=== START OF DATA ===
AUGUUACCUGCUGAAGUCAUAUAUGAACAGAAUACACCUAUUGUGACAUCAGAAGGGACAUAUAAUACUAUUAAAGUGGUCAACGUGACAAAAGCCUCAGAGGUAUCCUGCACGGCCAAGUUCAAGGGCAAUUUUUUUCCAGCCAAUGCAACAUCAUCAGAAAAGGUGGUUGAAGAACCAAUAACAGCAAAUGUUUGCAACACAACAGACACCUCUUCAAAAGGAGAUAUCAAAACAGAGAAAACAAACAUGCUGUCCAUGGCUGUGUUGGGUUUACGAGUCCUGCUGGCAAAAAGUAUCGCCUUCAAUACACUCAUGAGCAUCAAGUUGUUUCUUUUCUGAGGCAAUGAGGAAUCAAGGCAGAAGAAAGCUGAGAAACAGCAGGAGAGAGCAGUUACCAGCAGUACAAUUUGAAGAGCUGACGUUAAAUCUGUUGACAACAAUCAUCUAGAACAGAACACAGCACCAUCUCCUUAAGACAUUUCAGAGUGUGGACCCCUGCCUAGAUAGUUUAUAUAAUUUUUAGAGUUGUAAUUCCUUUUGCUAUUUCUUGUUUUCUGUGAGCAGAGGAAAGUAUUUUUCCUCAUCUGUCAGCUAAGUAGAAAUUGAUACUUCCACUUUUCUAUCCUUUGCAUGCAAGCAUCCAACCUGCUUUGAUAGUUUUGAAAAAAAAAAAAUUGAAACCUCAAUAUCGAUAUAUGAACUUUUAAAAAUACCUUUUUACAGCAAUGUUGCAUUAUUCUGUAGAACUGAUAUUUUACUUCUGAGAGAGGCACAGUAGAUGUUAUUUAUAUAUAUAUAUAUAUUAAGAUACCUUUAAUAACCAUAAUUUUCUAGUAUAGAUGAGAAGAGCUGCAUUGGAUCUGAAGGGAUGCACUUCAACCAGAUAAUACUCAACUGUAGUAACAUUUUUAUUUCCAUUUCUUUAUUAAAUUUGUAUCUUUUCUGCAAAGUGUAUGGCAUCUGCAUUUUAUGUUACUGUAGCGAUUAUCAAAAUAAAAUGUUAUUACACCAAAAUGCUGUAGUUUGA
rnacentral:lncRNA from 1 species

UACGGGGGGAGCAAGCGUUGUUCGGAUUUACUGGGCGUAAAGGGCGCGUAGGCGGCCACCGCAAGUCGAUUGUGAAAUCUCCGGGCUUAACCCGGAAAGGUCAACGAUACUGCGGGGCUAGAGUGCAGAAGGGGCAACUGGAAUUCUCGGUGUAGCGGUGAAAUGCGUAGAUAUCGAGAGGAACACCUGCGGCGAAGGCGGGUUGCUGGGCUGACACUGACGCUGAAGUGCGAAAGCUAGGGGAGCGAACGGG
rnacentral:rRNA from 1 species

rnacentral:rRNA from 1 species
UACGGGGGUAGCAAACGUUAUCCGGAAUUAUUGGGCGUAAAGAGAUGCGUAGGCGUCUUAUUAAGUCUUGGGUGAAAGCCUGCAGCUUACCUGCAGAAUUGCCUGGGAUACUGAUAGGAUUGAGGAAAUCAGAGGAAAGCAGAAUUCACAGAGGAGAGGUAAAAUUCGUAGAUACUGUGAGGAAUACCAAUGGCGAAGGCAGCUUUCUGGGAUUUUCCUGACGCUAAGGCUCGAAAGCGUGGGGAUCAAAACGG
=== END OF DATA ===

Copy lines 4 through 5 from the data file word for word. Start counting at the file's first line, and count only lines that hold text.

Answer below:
rnacentral:rRNA from 1 species

rnacentral:rRNA from 1 species